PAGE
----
As noted in the post below, the Iran nuclear deal is under heavy fire from well-financed lobbyists representing dead-end Republicans and Likudniks. But, there's some good reading this morning on why the Iran nuclear deal is the best option for the region and the world. Here are snippets to whet your appetite:
Vali Nasr, Dean of the School of International Studies, Johns Hopkins University on the deeply flawed thinking of opponents of the deal:
Opponents of the nuclear agreement with Iran see it as a license for Tehran to wreak havoc in the region. Freed from economic pressure and flush with financial resources, the thinking goes, Iran can be expected to unleash its emboldened minions upon Israel and Arab states and undermine U.S. interests. However, contrary to what the critics say, the nuclear deal is far more likely to curb Iran’s regional ambition. It is rather the instability that would follow the failure of the deal that should worry them.The New York Times on the fact-free assault on the deal by ideologues and dead-enders here and in Israel:
What should be a thoughtful debate has been turned into a vicious battle against Mr. Obama, involving not just the Republicans but Israel’s prime minister, Benjamin Netanyahu. The unseemly spectacle of lawmakers siding with a foreign leader against their own commander in chief has widened an already dangerous breach between two old allies.
Suzanne Nossel, Foreign Policy, on the dire consequences that scuttling the deal would lead to for America's strategic and national security interests:Policy considerations aside, what is most striking about the demagoguery is how ahistorical, if not downright hypocritical, it is. Negotiating with adversaries to advance a more stable world has long been a necessity, and Republican presidents have been among its most eager practitioners.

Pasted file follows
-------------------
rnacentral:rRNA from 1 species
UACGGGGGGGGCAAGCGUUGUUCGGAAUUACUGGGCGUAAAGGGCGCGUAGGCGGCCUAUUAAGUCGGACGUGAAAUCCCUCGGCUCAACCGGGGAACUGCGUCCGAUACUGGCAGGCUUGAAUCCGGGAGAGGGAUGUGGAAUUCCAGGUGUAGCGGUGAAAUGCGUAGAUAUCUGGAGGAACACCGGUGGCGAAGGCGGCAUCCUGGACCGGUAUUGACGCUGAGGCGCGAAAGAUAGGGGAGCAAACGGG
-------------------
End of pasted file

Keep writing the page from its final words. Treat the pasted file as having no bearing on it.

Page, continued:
To the extent that the campaign against the agreement goes beyond posturing, though, and aims to actually muster the votes to defeat the agreement, the effort risks doing enduring damage, not just to the drive to defeat Iran’s nuclear program but also to U.S. strategic interests and power writ large. While the administration has rightly focused its case to Congress tightly on the effects of the congressional vote for Iran’s nuclear program, the implications of achieving a veto-proof majority opposed to the deal will reverberate far more widely. Though the prospect may seem relatively remote, the ripple effects of the deal’s defeat — not just for America’s national security, but also its global diplomatic and political clout — are grave enough that they should be weighed by every member of Congress before they cast this historic vote.It remains the best bet at this point that the Obama Administration will prevail in saving the agreement. But with universal Republican opposition, it would only take a handful of spineless Democrats to pass a bill over the President's veto. Make sure you contact any home-State Democratic Senators who are officially "on the fence" (we're thinking of you, Sens. Cardin and Mikulski), and let them know you'll be taking note of their vote.